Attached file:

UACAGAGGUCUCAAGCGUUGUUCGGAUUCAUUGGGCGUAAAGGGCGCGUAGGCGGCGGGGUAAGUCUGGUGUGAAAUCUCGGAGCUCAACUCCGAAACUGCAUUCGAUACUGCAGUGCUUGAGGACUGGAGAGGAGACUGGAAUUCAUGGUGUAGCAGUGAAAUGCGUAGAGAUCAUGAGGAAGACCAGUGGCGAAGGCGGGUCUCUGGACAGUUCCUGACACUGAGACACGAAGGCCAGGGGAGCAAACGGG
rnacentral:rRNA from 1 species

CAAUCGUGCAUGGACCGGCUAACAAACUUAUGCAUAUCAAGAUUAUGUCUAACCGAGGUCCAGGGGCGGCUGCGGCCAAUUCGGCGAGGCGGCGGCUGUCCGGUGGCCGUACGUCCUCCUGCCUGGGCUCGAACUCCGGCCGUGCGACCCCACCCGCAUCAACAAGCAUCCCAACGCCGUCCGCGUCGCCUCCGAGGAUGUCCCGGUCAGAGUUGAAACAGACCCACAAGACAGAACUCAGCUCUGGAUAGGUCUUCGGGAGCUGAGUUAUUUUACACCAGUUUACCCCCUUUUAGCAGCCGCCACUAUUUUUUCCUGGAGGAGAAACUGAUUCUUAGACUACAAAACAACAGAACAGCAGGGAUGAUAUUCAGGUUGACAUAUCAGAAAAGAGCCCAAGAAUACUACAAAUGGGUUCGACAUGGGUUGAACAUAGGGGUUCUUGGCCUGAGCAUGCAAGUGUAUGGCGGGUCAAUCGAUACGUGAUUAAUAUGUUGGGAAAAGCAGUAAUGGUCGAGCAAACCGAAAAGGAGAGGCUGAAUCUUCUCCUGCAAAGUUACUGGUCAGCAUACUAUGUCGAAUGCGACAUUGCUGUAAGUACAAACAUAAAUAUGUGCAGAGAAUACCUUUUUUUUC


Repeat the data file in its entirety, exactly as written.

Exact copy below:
UACAGAGGUCUCAAGCGUUGUUCGGAUUCAUUGGGCGUAAAGGGCGCGUAGGCGGCGGGGUAAGUCUGGUGUGAAAUCUCGGAGCUCAACUCCGAAACUGCAUUCGAUACUGCAGUGCUUGAGGACUGGAGAGGAGACUGGAAUUCAUGGUGUAGCAGUGAAAUGCGUAGAGAUCAUGAGGAAGACCAGUGGCGAAGGCGGGUCUCUGGACAGUUCCUGACACUGAGACACGAAGGCCAGGGGAGCAAACGGG
rnacentral:rRNA from 1 species

CAAUCGUGCAUGGACCGGCUAACAAACUUAUGCAUAUCAAGAUUAUGUCUAACCGAGGUCCAGGGGCGGCUGCGGCCAAUUCGGCGAGGCGGCGGCUGUCCGGUGGCCGUACGUCCUCCUGCCUGGGCUCGAACUCCGGCCGUGCGACCCCACCCGCAUCAACAAGCAUCCCAACGCCGUCCGCGUCGCCUCCGAGGAUGUCCCGGUCAGAGUUGAAACAGACCCACAAGACAGAACUCAGCUCUGGAUAGGUCUUCGGGAGCUGAGUUAUUUUACACCAGUUUACCCCCUUUUAGCAGCCGCCACUAUUUUUUCCUGGAGGAGAAACUGAUUCUUAGACUACAAAACAACAGAACAGCAGGGAUGAUAUUCAGGUUGACAUAUCAGAAAAGAGCCCAAGAAUACUACAAAUGGGUUCGACAUGGGUUGAACAUAGGGGUUCUUGGCCUGAGCAUGCAAGUGUAUGGCGGGUCAAUCGAUACGUGAUUAAUAUGUUGGGAAAAGCAGUAAUGGUCGAGCAAACCGAAAAGGAGAGGCUGAAUCUUCUCCUGCAAAGUUACUGGUCAGCAUACUAUGUCGAAUGCGACAUUGCUGUAAGUACAAACAUAAAUAUGUGCAGAGAAUACCUUUUUUUUC